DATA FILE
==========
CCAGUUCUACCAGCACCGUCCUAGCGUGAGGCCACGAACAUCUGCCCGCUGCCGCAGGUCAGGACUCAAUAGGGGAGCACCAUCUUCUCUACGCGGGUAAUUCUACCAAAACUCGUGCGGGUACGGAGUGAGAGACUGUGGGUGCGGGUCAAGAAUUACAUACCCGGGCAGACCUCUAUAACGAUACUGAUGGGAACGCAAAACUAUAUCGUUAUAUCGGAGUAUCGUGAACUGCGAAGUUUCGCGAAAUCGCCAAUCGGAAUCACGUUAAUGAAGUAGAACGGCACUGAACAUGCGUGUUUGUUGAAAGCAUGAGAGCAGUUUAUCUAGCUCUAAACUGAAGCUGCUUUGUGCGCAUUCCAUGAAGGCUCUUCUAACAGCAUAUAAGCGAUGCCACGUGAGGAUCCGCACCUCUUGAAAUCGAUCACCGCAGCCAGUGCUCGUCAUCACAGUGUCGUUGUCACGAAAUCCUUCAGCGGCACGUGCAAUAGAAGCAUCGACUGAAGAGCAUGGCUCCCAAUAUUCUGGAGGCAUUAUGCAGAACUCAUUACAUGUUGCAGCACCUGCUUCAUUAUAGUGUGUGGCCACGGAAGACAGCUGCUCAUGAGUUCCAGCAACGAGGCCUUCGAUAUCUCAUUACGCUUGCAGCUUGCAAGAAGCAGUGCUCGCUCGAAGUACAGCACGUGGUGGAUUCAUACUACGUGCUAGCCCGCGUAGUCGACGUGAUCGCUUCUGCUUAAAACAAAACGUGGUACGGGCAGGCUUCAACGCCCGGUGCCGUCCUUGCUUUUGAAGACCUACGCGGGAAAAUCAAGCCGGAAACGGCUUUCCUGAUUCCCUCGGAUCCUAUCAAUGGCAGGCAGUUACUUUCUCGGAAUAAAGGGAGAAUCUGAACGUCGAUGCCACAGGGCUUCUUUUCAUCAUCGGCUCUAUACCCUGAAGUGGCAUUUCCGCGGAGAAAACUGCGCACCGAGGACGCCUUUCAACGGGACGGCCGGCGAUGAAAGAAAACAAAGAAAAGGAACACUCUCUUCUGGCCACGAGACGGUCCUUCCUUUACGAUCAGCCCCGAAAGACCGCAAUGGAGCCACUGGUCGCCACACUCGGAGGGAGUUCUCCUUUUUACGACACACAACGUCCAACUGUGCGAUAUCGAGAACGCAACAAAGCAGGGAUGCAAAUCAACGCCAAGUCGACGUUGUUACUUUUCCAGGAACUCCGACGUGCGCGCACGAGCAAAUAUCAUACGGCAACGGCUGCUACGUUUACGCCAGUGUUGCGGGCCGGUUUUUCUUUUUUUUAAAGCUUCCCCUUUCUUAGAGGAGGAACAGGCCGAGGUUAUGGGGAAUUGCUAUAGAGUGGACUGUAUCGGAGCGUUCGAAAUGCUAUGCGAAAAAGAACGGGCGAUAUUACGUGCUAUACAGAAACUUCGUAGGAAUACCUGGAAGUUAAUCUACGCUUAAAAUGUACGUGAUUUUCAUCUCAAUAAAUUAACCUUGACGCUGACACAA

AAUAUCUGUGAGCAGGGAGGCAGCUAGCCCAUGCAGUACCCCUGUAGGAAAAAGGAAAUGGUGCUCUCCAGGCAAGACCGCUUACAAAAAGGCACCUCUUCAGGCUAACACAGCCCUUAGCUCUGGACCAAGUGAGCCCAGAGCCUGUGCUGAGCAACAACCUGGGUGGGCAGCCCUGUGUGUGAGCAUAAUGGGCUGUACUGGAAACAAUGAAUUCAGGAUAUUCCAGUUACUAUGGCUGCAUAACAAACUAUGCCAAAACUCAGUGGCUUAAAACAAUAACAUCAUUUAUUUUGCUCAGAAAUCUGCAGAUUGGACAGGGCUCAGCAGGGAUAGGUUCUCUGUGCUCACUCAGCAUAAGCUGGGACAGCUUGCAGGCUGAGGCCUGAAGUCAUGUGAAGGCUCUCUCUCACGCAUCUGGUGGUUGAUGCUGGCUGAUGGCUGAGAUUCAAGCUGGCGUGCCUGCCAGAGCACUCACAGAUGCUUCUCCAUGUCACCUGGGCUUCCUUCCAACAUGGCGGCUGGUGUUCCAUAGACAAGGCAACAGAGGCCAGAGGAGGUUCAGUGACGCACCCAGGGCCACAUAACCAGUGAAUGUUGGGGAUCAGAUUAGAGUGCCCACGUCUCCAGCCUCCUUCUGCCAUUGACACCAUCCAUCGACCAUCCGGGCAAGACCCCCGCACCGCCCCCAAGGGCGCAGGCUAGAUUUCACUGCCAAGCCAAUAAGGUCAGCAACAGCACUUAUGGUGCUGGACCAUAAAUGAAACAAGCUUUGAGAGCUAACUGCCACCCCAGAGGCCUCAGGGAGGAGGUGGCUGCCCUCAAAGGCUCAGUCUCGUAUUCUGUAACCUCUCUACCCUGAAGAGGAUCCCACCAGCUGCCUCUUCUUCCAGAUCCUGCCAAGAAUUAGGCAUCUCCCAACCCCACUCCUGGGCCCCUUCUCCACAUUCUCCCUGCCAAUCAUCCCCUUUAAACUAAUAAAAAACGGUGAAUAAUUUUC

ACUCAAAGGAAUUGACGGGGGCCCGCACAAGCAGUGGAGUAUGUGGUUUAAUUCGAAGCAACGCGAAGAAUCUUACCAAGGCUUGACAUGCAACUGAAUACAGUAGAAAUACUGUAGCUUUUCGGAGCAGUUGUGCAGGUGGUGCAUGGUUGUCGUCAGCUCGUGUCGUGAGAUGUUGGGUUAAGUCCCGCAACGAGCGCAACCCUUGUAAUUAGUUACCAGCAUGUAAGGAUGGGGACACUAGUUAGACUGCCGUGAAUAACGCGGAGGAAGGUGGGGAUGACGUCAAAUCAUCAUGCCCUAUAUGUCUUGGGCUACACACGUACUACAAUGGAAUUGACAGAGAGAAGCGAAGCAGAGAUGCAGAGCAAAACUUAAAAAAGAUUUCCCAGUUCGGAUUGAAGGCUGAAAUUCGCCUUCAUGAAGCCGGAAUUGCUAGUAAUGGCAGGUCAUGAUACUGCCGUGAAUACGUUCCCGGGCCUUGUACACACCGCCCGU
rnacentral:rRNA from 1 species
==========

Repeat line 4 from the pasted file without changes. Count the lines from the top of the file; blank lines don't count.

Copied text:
rnacentral:rRNA from 1 species